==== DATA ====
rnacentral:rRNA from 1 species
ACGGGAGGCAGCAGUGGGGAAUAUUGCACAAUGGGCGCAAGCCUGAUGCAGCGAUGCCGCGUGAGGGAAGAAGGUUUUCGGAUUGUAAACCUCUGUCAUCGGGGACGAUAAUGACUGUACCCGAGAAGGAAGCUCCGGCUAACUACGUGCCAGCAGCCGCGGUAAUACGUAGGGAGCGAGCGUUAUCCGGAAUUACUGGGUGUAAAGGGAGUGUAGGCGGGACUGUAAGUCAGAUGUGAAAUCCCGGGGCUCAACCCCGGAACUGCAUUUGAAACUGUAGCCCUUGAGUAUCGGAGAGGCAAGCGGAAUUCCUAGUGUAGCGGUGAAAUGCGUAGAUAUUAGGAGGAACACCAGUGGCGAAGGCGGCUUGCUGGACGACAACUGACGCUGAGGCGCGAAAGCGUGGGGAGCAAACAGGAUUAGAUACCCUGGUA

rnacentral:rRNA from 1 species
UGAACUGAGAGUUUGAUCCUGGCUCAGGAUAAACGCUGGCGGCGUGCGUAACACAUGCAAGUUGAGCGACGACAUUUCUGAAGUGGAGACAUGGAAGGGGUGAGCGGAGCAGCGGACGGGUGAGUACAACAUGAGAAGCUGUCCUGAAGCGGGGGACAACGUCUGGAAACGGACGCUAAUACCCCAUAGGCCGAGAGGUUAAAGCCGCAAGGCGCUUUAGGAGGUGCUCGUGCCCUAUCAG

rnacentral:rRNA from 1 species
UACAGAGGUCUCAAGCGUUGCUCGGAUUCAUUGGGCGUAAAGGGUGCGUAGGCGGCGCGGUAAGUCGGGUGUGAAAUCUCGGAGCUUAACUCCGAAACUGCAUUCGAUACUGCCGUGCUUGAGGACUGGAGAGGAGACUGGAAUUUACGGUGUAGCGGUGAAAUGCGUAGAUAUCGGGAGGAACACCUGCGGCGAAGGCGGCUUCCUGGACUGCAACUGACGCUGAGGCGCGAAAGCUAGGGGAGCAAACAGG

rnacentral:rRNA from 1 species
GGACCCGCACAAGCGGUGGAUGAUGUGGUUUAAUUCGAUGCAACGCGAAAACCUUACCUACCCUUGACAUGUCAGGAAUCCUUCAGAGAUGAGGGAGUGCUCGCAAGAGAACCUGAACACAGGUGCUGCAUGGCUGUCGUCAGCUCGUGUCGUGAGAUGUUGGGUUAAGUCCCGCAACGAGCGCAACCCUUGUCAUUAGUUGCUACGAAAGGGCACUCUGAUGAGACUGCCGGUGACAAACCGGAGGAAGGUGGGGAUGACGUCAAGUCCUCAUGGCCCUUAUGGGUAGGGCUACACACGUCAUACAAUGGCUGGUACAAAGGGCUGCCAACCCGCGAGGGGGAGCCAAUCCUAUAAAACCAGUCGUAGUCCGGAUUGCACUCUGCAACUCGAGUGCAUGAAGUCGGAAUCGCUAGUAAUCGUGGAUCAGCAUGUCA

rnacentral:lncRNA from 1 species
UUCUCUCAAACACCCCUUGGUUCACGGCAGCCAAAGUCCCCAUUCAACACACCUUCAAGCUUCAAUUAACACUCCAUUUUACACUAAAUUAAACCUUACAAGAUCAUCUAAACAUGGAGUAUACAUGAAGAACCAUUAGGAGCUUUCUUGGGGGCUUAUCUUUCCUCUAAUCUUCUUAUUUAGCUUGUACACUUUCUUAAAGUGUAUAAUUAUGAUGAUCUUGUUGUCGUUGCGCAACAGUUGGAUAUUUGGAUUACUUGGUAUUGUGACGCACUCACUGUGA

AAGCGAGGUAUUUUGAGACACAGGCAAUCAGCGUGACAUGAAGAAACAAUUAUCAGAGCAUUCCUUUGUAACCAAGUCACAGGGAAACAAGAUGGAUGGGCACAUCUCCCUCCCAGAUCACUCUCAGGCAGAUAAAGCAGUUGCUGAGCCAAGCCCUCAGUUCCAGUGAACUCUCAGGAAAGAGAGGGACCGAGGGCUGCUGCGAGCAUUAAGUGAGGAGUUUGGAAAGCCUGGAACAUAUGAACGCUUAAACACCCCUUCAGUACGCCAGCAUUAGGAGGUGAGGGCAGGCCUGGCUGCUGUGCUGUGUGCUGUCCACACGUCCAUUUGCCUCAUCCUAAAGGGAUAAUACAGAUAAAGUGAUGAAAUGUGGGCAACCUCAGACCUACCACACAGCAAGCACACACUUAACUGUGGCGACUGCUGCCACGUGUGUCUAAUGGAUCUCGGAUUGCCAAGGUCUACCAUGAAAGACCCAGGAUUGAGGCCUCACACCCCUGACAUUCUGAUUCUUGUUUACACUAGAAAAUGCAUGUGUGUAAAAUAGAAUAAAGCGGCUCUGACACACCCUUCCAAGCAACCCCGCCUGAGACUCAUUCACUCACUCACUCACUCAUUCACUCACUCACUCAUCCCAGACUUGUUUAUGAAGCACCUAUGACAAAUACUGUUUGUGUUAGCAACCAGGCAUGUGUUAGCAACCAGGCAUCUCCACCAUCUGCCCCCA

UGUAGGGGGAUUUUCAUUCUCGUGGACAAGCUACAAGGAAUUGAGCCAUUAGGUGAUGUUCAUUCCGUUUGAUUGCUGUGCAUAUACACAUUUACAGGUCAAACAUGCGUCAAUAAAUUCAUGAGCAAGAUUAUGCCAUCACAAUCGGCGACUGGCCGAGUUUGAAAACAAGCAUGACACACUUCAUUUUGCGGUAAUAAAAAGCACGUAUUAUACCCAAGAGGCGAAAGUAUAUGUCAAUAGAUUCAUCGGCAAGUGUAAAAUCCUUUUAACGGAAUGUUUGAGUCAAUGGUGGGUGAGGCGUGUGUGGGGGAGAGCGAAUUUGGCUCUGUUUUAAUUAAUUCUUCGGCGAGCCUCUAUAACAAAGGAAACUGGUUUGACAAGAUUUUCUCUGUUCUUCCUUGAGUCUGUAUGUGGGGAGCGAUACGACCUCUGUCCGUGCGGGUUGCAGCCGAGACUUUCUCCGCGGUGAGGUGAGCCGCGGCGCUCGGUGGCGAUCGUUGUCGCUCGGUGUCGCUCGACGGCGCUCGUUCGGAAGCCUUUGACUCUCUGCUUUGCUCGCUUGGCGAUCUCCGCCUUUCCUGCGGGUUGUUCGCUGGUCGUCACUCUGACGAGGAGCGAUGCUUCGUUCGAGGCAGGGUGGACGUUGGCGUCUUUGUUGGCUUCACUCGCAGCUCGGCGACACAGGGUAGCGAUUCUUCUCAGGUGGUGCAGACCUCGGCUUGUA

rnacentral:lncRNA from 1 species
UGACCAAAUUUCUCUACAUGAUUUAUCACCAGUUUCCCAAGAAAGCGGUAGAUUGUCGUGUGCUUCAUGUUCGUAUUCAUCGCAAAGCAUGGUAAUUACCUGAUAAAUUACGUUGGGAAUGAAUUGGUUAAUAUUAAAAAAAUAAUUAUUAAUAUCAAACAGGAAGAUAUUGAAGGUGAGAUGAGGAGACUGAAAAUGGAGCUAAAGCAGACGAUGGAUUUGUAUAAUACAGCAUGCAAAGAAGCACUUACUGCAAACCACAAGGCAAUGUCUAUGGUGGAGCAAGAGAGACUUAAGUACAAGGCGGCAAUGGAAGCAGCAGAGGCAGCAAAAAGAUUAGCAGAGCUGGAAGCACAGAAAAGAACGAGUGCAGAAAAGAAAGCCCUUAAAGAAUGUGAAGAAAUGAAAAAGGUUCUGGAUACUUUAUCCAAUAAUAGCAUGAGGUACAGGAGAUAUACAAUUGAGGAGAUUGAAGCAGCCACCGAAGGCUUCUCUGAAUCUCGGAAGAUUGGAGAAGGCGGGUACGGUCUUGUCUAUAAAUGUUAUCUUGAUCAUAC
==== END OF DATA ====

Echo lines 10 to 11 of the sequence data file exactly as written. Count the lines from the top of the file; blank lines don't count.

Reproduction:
UUCUCUCAAACACCCCUUGGUUCACGGCAGCCAAAGUCCCCAUUCAACACACCUUCAAGCUUCAAUUAACACUCCAUUUUACACUAAAUUAAACCUUACAAGAUCAUCUAAACAUGGAGUAUACAUGAAGAACCAUUAGGAGCUUUCUUGGGGGCUUAUCUUUCCUCUAAUCUUCUUAUUUAGCUUGUACACUUUCUUAAAGUGUAUAAUUAUGAUGAUCUUGUUGUCGUUGCGCAACAGUUGGAUAUUUGGAUUACUUGGUAUUGUGACGCACUCACUGUGA

AAGCGAGGUAUUUUGAGACACAGGCAAUCAGCGUGACAUGAAGAAACAAUUAUCAGAGCAUUCCUUUGUAACCAAGUCACAGGGAAACAAGAUGGAUGGGCACAUCUCCCUCCCAGAUCACUCUCAGGCAGAUAAAGCAGUUGCUGAGCCAAGCCCUCAGUUCCAGUGAACUCUCAGGAAAGAGAGGGACCGAGGGCUGCUGCGAGCAUUAAGUGAGGAGUUUGGAAAGCCUGGAACAUAUGAACGCUUAAACACCCCUUCAGUACGCCAGCAUUAGGAGGUGAGGGCAGGCCUGGCUGCUGUGCUGUGUGCUGUCCACACGUCCAUUUGCCUCAUCCUAAAGGGAUAAUACAGAUAAAGUGAUGAAAUGUGGGCAACCUCAGACCUACCACACAGCAAGCACACACUUAACUGUGGCGACUGCUGCCACGUGUGUCUAAUGGAUCUCGGAUUGCCAAGGUCUACCAUGAAAGACCCAGGAUUGAGGCCUCACACCCCUGACAUUCUGAUUCUUGUUUACACUAGAAAAUGCAUGUGUGUAAAAUAGAAUAAAGCGGCUCUGACACACCCUUCCAAGCAACCCCGCCUGAGACUCAUUCACUCACUCACUCACUCAUUCACUCACUCACUCAUCCCAGACUUGUUUAUGAAGCACCUAUGACAAAUACUGUUUGUGUUAGCAACCAGGCAUGUGUUAGCAACCAGGCAUCUCCACCAUCUGCCCCCA